Shanzen Tablet is a combination of four medicines: Trypsin, Bromelain, Rutoside and Diclofenac. Trypsin and Bromelain are enzymes. They increase blood supply and make the body produce substances that fight pain and swelling. Rutoside is an antioxidant which protects the body from damage by chemicals (free radicals) and further reduces swelling. Diclofenac is a non-steroidal antiinflammatory drug (NSAID) which works by blocking the release of certain chemical messengers (prostaglandins) in the brain that cause pain and inflammation (redness and swelling).
Taking diclofenac with alcohol can increase your risk of stomach bleeding.
WEIGH RISKS VS BENEFITS
Shanzen Tablet is unsafe to use during pregnancy. There is positive evidence of human fetal risk, but the benefits from use in pregnant women may be acceptable despite the risk, for example in life-threatening situations. Please consult your doctor.
No information is available on the use of Shanzen Tablet during lactation. Please consult your doctor.
Do not drive unless you are feeling well. Shanzen Tablet may cause headaches, blurred vision, dizziness or drowsiness in some patients. This may affect your ability to drive.
Shanzen Tablet is probably safe to use in patients with kidney disease. Limited data available suggests that dose adjustment of Shanzen Tablet may not be needed in these patients. Please consult your doctor.
Shanzen Tablet is probably safe to use in patients with liver disease. Limited data available suggests that dose adjustment of Shanzen Tablet may not be needed in these patients. Please consult your doctor.
Yes, the use of Shanzen can cause dizziness (feeling faint, weak, unsteady or lightheaded) in some patients. If you feel dizzy or lightheaded, stop what you are doing and sit or lie down for sometime or until you feel better and do not drive or use any machines.
Q. Are there any specific contraindications associated with the use of Shanzen?
The use of Shanzen is contraindicated in patients with known allergy to any of the component or excipients of this medicine or in patients with known allergy to other pain killers (NSAIDs). The use of this medicine should preferably be avoided in patients with a history of or active, recurrent stomach ulcer / bleeding and in patients with history of heart failure, high blood pressure, and liver or kidney disease.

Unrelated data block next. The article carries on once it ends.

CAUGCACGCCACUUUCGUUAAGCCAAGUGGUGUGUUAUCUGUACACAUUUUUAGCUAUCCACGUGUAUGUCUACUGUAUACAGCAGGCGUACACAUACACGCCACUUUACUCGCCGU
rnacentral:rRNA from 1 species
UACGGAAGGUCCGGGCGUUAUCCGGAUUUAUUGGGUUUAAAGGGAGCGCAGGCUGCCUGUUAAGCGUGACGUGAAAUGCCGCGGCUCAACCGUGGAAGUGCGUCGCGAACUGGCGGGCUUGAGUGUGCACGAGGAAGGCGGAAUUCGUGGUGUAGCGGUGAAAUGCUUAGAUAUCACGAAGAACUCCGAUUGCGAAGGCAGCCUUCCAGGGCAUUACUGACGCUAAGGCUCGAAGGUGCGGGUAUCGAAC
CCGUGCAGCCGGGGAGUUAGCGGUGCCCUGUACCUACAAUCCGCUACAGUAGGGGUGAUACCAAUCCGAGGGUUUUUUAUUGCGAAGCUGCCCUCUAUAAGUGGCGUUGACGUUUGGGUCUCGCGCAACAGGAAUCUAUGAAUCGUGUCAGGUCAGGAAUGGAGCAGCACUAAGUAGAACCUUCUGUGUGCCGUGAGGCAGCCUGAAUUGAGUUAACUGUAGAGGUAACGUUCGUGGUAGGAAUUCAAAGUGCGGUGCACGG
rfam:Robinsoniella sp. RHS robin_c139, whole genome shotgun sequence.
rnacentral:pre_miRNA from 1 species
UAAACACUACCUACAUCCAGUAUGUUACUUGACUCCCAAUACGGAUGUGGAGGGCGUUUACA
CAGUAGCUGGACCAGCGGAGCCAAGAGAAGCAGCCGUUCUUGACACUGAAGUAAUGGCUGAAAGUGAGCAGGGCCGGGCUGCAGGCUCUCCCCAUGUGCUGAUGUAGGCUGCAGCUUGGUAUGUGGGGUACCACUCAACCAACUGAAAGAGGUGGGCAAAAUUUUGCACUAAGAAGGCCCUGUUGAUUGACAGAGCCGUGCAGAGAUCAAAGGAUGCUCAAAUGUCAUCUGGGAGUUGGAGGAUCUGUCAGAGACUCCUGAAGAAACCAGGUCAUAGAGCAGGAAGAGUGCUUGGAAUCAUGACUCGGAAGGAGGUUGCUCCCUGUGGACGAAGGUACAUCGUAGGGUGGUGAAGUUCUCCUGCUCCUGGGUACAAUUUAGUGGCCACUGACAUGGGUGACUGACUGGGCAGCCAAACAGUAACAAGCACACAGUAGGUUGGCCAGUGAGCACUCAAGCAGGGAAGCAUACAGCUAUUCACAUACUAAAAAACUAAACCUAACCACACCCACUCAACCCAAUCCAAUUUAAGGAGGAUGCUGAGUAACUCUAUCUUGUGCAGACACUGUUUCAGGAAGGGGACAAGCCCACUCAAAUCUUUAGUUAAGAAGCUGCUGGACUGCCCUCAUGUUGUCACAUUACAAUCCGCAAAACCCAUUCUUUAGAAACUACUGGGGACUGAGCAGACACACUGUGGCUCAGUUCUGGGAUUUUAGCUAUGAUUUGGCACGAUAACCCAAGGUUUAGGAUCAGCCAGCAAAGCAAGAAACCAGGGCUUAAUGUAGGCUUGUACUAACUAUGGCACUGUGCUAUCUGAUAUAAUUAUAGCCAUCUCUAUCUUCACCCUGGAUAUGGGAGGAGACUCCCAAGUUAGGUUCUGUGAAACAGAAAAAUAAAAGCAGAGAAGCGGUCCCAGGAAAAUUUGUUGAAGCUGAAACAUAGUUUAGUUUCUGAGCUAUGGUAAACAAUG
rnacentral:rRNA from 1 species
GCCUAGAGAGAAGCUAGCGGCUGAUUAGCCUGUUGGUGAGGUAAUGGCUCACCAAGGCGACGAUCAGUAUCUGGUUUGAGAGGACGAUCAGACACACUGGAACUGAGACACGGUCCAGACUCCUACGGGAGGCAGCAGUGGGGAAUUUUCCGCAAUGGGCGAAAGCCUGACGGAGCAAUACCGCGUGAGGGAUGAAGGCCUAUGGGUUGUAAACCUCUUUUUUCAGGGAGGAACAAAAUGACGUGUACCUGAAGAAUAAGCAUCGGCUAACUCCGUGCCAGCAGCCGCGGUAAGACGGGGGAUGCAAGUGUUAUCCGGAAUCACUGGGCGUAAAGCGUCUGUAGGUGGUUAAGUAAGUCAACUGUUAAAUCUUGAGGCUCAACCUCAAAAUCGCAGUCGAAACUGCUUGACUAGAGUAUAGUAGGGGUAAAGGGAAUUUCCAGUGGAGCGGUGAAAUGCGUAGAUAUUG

Q. Can I take a higher dose of this medicine than recommended?
No, taking higher than recommended dose of Shanzen can lead to increased chances of side effects like nausea, vomiting, heartburn, indigestion, diarrhea and can also damage your kidneys on long term use. If you are experiencing increased severity of pain and swelling which is not relieved by the recommended doses of this medicine, please consult your doctor for re-evaluation.
Q. Does Shanzen expire?
Yes, Shanzen does expire. Please check the expiry date written on the pack of this medicine. Do not use Shanzen after the expiry date.
Q. What is Shanzen?
Shanzen is a combination of four medicines: Trypsin, Bromelain, Rutoside and Diclofenac. This medication helps in relieving pain and swelling (inflammation). It works by lowering the levels of chemical substances in the body that causes pain and swelling (inflammation).
Q. Can the Shanzen be stopped when my pain and swelling(inflammation) are relieved?
Shanzen is usually used for short term and can be discontinued when pain and swelling are relieved. However, Shanzen should be continued if the doctor has advised to do so.
Q. Can the use of Shanzen cause nausea and vomiting?
Yes, the use of Shanzen can cause nausea and vomiting. In case, you experience nausea while taking this medicine, take it with milk, food or with antacids. Avoid taking fatty or fried foods. If you start to experience vomiting, drink plenty of water or other fluids. Try small frequent sips of the liquid. Talk to your doctor if you have persistent vomiting and signs of dehydration like dark colored and strong-smelling urine and a low frequency of urination. Do not take any other medicines without speaking to a doctor.
Information last updated by Dr. Varun Gupta, MD Pharmacology on 22nd Jun 2018.